Runa LLC

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Runa LLC is a privately held organic Amazonian beverage company that processes and sells guayusa. The company is based in Brooklyn, New York with offices in Quito and Archidona, Ecuador. It was founded in 2008 by two Brown University graduates, Daniel MacCombie and Tyler Gage. The company operates the world's only guayusa processing facility, which is located in Archidona.[1][2][3]

Runa began selling bagged guayusa on the East Coast in October 2010 in natural food stores and supermarkets. In September 2010, the company received its USDA organic certification. A certified Benefit corporation, Runa purchases guayusa directly from indigenous farmers who own their own land in a model following Fair Trade principles.[4] Runa received its fair trade certification in 2011.


Runa offers a variety of blends of guayusa for retail sale in the form of energy drinks, bottled iced teas, tea boxes, and loose leaf teas, all of which are USDA certified organic, Kosher certified, plantation farming, and non-GMO certified.

Energy drinks[edit]

Released in 2013, Runa Clean Energy uses highly concentrated guayusa as its base ingredient. The 8.4 oz cans contain 120 mg of caffeine and high levels of antioxidants. The energy drinks come lightly carbonated in three flavors: sweetened Berry, no-sugar added Orange Passion , or unsweetened with lime, the zero-calorie Original. In mid-2015, Runa Clean Energy has begun to release a 12 oz size of the Runa Clean Energy Berry flavor which contains 171 mg of caffeine per can.

Nutritional information: Runa Clean Energy Berry (8.4 oz can): 80 calories, 19g Total Carbohydrates (17g sugar) Runa Clean Energy Berry (12 oz can): 110 calories, 27g Total Carbohydrates (25g sugar) Runa Clean Energy No Sugar Added Orange Passion (8.4 oz can): 10 calories, 1g Total Carbohydrates (1g sugar) Runa Clean Energy Original (or Original Zero) Unsweetened with Lime (8.4oz can): 0 calories, 0 Total Carbohydrates (0g sugar)

Ready-to-drink bottled tea[edit]

Runa offers nine flavors of ready-to-drink beverages: six lightly sweetened flavors–Hibiscus-Berry, Lemon-Lemongrass, Sweet Peach, Raspberry, Mint, and Traditional Guayusa, two unsweetened flavors–Lime and Guava, and a Half & Half (Half Tea/Half Lemonade) flavor.

Pyramid infusers[edit]

Runa offers three flavors: traditional, hibiscus berry, and sage lavender.

Tea boxes[edit]

Runa tea boxes come in four flavors: Traditional Guayusa, Mint Guayusa, Ginger-Citrus Guayusa, and Cinnamon Lemongrass Guayusa.

Loose-leaf tea[edit]

Loose-leaf guayusa comes in four flavors: Traditional Guayusa, Cinnamon-Lemongrass Guayusa, Mint Guayusa, Ginger-Citrus Guayusa.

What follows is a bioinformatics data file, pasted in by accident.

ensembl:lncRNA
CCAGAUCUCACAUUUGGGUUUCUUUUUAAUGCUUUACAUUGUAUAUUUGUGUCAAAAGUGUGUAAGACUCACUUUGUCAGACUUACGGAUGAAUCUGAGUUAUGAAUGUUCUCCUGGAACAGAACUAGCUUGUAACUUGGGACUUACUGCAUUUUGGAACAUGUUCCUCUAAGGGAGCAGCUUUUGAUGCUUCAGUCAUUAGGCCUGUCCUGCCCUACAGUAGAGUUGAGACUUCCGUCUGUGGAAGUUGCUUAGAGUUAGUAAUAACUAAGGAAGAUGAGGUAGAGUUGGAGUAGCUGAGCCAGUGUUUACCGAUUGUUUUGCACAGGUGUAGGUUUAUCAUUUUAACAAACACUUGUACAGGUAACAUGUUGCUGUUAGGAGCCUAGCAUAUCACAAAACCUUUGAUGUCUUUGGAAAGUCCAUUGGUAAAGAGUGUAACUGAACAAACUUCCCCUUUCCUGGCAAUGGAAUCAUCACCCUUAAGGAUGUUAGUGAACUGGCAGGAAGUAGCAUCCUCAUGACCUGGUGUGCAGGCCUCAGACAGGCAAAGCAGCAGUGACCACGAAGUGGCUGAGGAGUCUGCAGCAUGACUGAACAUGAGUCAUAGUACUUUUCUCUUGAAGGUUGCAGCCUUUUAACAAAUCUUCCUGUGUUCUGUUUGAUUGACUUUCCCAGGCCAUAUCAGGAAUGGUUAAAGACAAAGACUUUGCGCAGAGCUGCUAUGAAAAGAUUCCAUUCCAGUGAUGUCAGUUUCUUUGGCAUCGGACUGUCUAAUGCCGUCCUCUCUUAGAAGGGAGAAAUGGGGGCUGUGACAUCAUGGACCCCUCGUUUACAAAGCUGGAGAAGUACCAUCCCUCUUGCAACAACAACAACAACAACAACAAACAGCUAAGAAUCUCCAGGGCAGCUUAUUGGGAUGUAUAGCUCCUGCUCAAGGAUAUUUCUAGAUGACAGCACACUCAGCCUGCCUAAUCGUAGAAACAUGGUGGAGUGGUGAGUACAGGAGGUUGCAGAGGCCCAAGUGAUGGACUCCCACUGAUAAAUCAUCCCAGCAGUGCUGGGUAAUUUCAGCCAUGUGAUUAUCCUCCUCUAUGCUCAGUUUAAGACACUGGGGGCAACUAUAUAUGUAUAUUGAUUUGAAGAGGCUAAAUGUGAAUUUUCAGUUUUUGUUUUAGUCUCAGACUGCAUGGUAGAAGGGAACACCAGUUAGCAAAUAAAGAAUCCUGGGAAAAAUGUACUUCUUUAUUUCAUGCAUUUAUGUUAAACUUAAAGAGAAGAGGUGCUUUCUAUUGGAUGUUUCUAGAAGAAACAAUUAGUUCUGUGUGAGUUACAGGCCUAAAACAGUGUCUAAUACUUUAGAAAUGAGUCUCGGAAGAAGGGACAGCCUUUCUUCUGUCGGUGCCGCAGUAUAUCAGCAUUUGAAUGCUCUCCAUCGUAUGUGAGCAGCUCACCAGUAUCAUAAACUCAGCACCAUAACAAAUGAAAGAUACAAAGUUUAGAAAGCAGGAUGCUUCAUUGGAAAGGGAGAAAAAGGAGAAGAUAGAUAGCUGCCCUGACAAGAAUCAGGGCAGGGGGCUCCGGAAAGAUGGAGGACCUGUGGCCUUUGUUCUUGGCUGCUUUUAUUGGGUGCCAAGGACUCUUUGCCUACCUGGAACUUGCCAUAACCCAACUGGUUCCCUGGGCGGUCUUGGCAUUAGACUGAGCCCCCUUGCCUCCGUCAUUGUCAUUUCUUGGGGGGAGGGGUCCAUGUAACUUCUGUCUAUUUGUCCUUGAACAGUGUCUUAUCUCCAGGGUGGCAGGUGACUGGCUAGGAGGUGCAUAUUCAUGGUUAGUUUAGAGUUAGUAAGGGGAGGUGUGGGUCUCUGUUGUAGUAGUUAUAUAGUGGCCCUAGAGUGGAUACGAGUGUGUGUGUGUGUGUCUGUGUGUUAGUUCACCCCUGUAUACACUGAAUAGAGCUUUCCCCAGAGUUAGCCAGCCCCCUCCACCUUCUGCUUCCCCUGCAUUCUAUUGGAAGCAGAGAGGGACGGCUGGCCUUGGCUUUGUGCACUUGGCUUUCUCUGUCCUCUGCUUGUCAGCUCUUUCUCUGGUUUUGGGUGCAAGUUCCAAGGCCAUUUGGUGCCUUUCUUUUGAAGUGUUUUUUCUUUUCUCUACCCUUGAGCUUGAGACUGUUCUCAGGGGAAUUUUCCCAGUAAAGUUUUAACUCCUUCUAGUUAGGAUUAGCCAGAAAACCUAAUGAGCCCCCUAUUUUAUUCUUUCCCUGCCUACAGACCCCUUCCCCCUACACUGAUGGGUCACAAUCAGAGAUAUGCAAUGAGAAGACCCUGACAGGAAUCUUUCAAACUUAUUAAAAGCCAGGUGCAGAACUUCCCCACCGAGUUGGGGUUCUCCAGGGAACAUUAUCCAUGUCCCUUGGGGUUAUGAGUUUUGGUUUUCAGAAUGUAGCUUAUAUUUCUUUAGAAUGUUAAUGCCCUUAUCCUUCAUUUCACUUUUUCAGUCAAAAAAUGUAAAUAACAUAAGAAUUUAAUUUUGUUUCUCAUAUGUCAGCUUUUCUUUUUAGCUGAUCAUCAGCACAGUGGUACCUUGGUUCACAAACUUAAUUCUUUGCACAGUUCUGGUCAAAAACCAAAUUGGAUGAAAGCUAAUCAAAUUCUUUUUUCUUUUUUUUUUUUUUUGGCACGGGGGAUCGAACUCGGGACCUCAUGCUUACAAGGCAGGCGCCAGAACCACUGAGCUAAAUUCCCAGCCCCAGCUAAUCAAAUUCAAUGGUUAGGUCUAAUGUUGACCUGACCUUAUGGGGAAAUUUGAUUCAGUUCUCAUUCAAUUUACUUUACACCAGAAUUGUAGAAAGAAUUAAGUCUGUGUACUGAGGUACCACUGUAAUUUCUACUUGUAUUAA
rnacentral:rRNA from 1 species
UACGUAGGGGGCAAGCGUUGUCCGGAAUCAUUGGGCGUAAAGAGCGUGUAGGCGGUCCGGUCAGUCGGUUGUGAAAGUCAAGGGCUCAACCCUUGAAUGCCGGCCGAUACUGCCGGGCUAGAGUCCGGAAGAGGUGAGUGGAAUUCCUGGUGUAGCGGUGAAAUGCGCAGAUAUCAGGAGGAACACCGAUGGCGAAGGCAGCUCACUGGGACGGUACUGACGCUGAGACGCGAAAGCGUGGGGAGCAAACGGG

Health benefits[edit]

Guayusa claims to contain "the same amount of caffeine as one cup of coffee". Guayusa also contains theobromine.[citation needed]

Social mission[edit]

Runa purchases its guayusa from 600 indigenous Kichwa farmers in the Napo and Pastaza provinces of the Ecuadorian Amazon and pays a guaranteed minimum price to farmers. Runa also provides technical assistance and training programs to smallholder farmers through its team of eight indigenous field technicians. Farmers receive direct market access and training in sustainable agriculture and reforestation.[5][6]

Runa's non-profit arm, Runa Foundation, provides tools and resources to indigenous communities and farmers' associations to increase access to markets and encourage sustainable agricultural practices. It focuses on social empowerment, community development, and environmental management.[7]


Runa won Brown University's Business Plan Competition and the Rhode Island Business Plan Competition and received second place in the William James Foundation's Socially Responsible Business Plan Competition.


  1. ^ "faq". Runa. Archived from the original on 2011-05-21. Retrieved 2011-06-07. Cite uses deprecated parameter |deadurl= (help)
  2. ^ "News from Contemplative Studies Grads". Brown University. Retrieved 2011-06-07.
  3. ^ "Processing". Runa. Retrieved 2011-06-07.
  4. ^ "COMPANY PROFILE: Runa Amazon Guayusa". Latin Business Blog. Retrieved 2011-06-07.
  5. ^ "Programs". Runa. Archived from the original on 2011-09-06. Retrieved 2011-06-07. Cite uses deprecated parameter |deadurl= (help)
  6. ^ "At Runa, We Don't Actually Farm Guayusa". Runa. Archived from the original on 2011-09-19. Retrieved 2011-06-07. Cite uses deprecated parameter |deadurl= (help)
  7. ^ "Sustainable Development Strategy". Runa. Archived from the original on 2011-09-06. Retrieved 2011-06-07. Cite uses deprecated parameter |deadurl= (help)

External links[edit]